4. A couple of weeks ago, @Jackito, his son, and I took a trip out to one of his favorite Eagle Ford sites. For those of you who are familiar with Carter's posts, this was once the famed location of the so-called "giving rock", so the bar was set high for the day. I've come across some of Austin's eagle ford material in the past, but it was always only the leftovers of what had been washed through miles of rushing creek water. This was my first time getting to poke through the source material, so I was eager to see what could be found. The water was low and the temperature mild. I was thankful I wouldn't have to suffer trudging around in soggy shoes. As we walked beside the creek, Carter explained the various layers and where the best stuff could be found. He pointed out the notable spots where things like pseudomegachasma and pliosaur teeth had been dug up. I knew to not get my hopes THAT high up, but it was certainly a good motivator to stay attentive and expect the unexpectable. It took me a while to get the hang of pinpointing which slabs were best to open and how. Carter was nice enough to share some of his finds, and I must admit, not everything pictured below was necessarily first spotted by me . I was quickly surprised by the sheer number of shark teeth we started finding. Being the completionist that I am, I would immediately try to excavate every tooth I found. Carter advised me that simply bringing the matrix home and processing it there would be the most efficient use of time which I have come to agree with. Every tooth had fantastic preservation and would often pop right out of the shale (though not necessarily in one piece). The Ptychodus teeth were the most mesmerizing. They basically broke off without a speck of matrix still attached and had a beautiful shine. Thankfully, they were also robust and rarely fell apart. A decently sized Ptychodus still in matrix The amount of Cretoxyrhina to be found was also staggering. Unfortunately, they required a little bit more delicate prep than what I had to offer in the field, so my ratio of broken to unbroken teeth was higher than I'd like to admit. In my defense, I managed to lower that ratio as the day progressed. Squalicorax was also a common sight along with various fish teeth. Carter's son managed to find some turtle material... that was still alive and may or may not have come from out of the stream . For most of the hunt, Carter and I had some nice discussions on things to be found here in Austin along with various chats about life. The hours seemed to fly by so fast, it wasn't long until Carter and Jack had to head on out. They'd been wanting to find some mosasaur material for a while, so I sent info on one of my favorite sites (the place where I came out with 4 mosasaur verts in a day). Hopefully we'll get to hunt together over there some time in the near future. I stuck around as I had a couple hours to kill before needing to drive to a friend's birthday. The rest of the time was spent doing more of the same. I managed to come across a huge Cretodus tooth, but the root was unfortunately nowhere to be found. I also started gathering some of the leftover matrix for later processing for microfossils. The layer was just so rich, how could there not be something cool to find? I filled up a couple Ziploc bags with the stuff and made my way out, thinking of ways I could clean this while residing in a college dorm. The richness of fossils in the matrix. This piece was a little too stony to break down though. Might try vinegar. Suffice it to say, I figured out a way to clean it without clogging the communal sinks, but it's a slow process. Though, I must admit, it's nice to come home each day to a cup's worth of dried micro matrix ready for screening. In only my first batch, I found something I think is pretty amazing. What was at first just a shiny little speck, upon closer analyzing, may, in fact, be a tiny coniasaur tooth! It has that characteristic bulging crown that is instantly recognizable. Hopefully I'm not jumping the gun on this one. A couple rounds later, and many many puny Ptychodus teeth, I managed to spot what appeared to be the tooth plate to a Pycnodont fish or something similar. After some delicate cleaning and lots of paraloid, it's still a little bit scuffed, but there are definitely some little round bulbous teeth in close association. The tooth plate before and after cleaning. Can anyone confirm if it's Pycnodont? There was plenty bony fish and shark material. Interspersed within them were some that eluded my identification (including mayyybe Paraisurus?). I've got plenty of matrix to still go through, so I will post updates if anything cool is found. For now, here are some pictures summarizing the finds: Please excuse the hand pics. It's just that the details come out better on a slightly darker surface as opposed to white paper. Closeups of Coniasaur(?) Tooth L to R: Bony bits, "Coniasaur" tooth, and "Pycnodont" tooth plate The best of the Ptychodus and a close up of the smallest one. The bottom left is smoothed over. Is this maybe feeding damage? Also, any ID for species is much appreciated : Cretoxyrhina mantelli. My favorite is the fat one on the left Best of the Squalicorax falcatus. Right two are a little strange. Possibly symphyseal? Best of Scapanorhynchus and huge rootless Cretodus (hard to see in pic, but its got the wrinkling): Paraisurus? I saw that genus mentioned in a Shawn Hamm publication on the Atco and thought it could be a match. The roots are very skinny on both specimens and the teeth seem vertically stretched. The larger tooth on the left initially appears to be missing half the root, but it is actually nearly complete. The only break is a tiny portion of the root at the very top. The right specimen is very fragmented. No signs of cusps nor nutrient groove on either one. Cantioscyllium orals and Sawfish Rostral Teeth: L to R: Enchodus, Protosphyraena, and Pachyrhizodus Some oddballs. The left is a fragment of some sort of multi-cusped shark tooth. The middle is a a segment of some barbed material that seems similar in appearance to the fishy bits found in the matrix. The right specimen is a shiny crescent shaped thing that I have found in other micro matrixes from Moss Creek and POC. Never kept them, but now I'm curious after finding them again: Thanks for reading!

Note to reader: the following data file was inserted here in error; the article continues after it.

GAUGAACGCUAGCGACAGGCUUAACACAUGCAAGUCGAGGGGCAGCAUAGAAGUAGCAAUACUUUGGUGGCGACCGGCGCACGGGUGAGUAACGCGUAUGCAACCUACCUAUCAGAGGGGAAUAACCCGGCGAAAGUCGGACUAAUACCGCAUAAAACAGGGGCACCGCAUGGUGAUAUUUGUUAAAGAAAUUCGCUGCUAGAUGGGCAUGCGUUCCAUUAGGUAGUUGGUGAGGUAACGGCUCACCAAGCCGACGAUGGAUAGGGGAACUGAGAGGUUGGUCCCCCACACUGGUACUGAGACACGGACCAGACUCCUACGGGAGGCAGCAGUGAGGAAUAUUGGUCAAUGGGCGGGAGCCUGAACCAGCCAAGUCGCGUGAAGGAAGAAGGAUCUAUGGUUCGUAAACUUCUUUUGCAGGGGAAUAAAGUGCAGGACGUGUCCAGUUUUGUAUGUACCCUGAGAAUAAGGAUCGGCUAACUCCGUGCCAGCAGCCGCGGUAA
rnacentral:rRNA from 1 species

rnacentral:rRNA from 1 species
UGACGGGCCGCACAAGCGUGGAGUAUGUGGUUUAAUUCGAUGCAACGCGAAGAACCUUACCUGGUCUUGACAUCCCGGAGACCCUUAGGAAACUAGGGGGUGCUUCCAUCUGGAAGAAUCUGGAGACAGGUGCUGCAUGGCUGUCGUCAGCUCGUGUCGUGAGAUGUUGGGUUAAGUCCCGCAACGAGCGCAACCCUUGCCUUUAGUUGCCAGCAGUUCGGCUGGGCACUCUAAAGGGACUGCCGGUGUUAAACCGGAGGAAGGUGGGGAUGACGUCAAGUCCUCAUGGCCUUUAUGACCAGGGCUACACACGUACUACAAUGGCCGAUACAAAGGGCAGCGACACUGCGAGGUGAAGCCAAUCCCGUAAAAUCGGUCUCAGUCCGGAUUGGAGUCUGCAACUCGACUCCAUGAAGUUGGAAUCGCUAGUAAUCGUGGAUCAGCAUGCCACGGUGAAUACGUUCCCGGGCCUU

5. ThePhysicist

    Cretaceous sharks

    From the album: Sharks

    Just a handful of Cretaceous species, most from North Texas. The sea that bisected North America ~85 million years ago played host to a diverse and burgeoning ecosystem that supported many species of sharks. It was likely due to specialization that allowed these sharks to all live in the same place and time.
  6. ThePhysicist

    Scapanorhynchus raphiodon

    From the album: Post Oak Creek

    I'm pretty sure these are S. raphiodon teeth. They are much smaller than S. texanus with a narrow main cusp and finer striations than S. texanus. Compare: http://oceansofkansas.com/sharks/Kansas/shscap3.jpg
  7. ThePhysicist

    6/17/21 Trip

    From the album: Post Oak Creek

    Nothing extraordinary, but I found an area with several chunks of matrix with teeth in them.